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A "Nest" for Your Lawn

Duke Smart Home experiment makes efficient work of lawn care

What if there were a service like Nest for your lawn?

That’s the goal of a new “Smart Lawn” experiment at Duke University’s Smart Home, headed by Amilcare Porporato, the Addy Professor of Civil and Environmental Engineering, and his postdoctoral researcher, Jun Yin. A network of sensors in the ground gather data, complemented by a tower taking atmospheric measurements. The setup’s shared hardware monitors water, carbon, and energy fluxes through evapotranspiration, rainfall, sun radiation, and carbon uptake by the vegetation.

Duke's Smart Home with a tower sensor for the "Smart Lawn" experiment in the foregroundLaunched in November 2015, the project is a collaboration with Jim Gaston, associate dean for undergraduate research, Lydia Olander, director of the Ecosystem Services Group of the Nicholas Institute, and Mark Schmidt, principal scientist at John Deere.  The system is designed, on a small scale, to determine what Duke’s live-in student laboratory needs for its lawn. It will inform the optimal management of the Smart Home’s water cistern, irrigation systems, types of crops and lawns, and fertilization schedule. The goal is to optimize the retention of nutrients and the use of water and other materials and maximize the related ecosystem services.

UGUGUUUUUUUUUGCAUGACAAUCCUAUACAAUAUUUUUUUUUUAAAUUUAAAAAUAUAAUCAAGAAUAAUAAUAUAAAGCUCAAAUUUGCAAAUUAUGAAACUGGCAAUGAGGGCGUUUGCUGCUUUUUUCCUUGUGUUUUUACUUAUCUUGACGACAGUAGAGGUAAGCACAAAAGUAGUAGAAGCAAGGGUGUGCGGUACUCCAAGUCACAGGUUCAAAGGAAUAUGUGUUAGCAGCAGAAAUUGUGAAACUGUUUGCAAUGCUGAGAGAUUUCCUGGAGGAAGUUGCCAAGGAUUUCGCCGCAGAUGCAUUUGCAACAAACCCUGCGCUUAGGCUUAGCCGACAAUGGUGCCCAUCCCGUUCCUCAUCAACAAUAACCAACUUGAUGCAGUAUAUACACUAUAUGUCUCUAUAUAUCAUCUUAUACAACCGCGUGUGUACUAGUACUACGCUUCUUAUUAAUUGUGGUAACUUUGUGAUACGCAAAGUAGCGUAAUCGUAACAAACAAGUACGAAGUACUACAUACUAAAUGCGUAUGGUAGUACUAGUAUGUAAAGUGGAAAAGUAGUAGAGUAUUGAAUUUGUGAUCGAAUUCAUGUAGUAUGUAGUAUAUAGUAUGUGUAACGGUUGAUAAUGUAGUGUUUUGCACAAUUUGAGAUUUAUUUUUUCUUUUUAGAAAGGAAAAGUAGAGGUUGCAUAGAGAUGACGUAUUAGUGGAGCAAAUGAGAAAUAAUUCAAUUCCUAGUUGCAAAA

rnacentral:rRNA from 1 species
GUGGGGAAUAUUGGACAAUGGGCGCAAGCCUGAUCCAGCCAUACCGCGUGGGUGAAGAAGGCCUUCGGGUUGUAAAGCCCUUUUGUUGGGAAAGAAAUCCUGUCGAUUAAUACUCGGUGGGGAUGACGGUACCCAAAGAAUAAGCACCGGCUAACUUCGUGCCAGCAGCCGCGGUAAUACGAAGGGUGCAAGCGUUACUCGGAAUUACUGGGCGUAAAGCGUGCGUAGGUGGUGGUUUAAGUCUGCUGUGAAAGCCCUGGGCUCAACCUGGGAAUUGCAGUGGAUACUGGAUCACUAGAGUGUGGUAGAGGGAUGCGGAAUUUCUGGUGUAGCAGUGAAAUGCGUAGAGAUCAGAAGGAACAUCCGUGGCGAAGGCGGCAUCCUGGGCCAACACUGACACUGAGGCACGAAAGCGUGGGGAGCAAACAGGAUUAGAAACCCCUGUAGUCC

On a large scale, the findings will help calibrate and set parameters for computer models to predict the precise needs of lawns and farmland in North Carolina and in general for the Southeast US where irrigation water needs are particularly variable thought the growing seasons. And if these predictions can be made on a small enough set of variables that can be easily monitored, a system like Nest for your lawn would not be far away.

“One of our goals is to see how much water is needed for the lawn and how much rain harvested by the cisterns can be used for the Smart Home’s laundry and toilets,” said Porporato. “Since the climate changes unpredictably we need long-term measurements and models that account for this uncertainty. This is a necessary step to use sustainably soil and water resources and reduce the impact of our buildings on the environment. It is exciting to work at the Duke Smart Home for this research as it is also a great opportunity to interact with students interested in these specific problems of water resources, environmental engineering and sustainability.”

And if you’re wondering how the Smart Home’s lawn is doing at this very instant, you can check out real-time measurements of carbon dioxide, soil moisture, rain, wind speed, net radiation, net radiation corrected by wind speed, temperature/humidity at three levels, soil heat flux and soil temperature.